Edward Sapir > Language: An Introduction to the Study of Speech > Subject Index > Page 78
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Edward Sapir (1884–1939).  Language: An Introduction to the Study of Speech.  1921.
 

Page 78
 
ingetym-ad “to be sleeping” and the past ingetymash.
  Consonantal change as a functional process is probably far less common than vocalic modifications, but it is not exactly rare. There is an interesting group of cases in English, certain nouns and corresponding verbs differing solely in that the final consonant is voiceless or voiced. Examples are wreath (with th as in think), but to wreathe (with th as in then); house, but to house (with s pronounced like z). That we have a distinct feeling for the interchange as a means of distinguishing the noun from the verb is indicated by the extension of the principle by many Americans to such a noun as rise (e.g., the rise of democracy)—pronounced like rice—in contrast to the verb to rise (s like z).
  In the Celtic languages the initial consonants undergo several types of change according to the grammatical relation that subsists between the word itself and the preceding word. Thus, in modern Irish, a word like bo “ox” may under the appropriate circumstances, take the forms bho (pronounce wo) or mo (e.g., am bo “the ox,” as a subject, but tir na mo “land of the oxen,” as a possessive plural). In the verb the principle has as one of its most striking consequences the “aspiration” of initial consonants in the past tense. If a verb begins with t, say, it changes the t to th (now pronounced h) in forms of the past; if it begins with g, the consonant changes, in analogous forms, to gh (pronounced like a voiced spirant 19 g or like y, according to the nature of the following vowel). In modern Irish the principle of consonantal change, which began in the oldest period of the language as a secondary consequence of certain phonetic conditions, has become one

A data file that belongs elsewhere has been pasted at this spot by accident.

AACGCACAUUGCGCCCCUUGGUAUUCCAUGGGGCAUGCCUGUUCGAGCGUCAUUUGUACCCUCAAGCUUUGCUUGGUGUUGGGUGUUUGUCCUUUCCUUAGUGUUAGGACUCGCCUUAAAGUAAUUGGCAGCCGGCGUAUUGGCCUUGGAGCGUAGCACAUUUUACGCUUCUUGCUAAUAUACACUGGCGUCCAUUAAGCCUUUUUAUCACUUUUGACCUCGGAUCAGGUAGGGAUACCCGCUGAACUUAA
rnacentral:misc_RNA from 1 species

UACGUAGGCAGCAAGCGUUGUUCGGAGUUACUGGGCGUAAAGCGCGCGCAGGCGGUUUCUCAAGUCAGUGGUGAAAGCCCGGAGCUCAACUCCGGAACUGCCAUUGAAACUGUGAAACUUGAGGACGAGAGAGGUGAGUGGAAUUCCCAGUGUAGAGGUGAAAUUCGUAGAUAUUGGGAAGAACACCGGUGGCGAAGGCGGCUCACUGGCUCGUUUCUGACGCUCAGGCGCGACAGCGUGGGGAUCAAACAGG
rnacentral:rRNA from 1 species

Note 19.  See page 50. [back]

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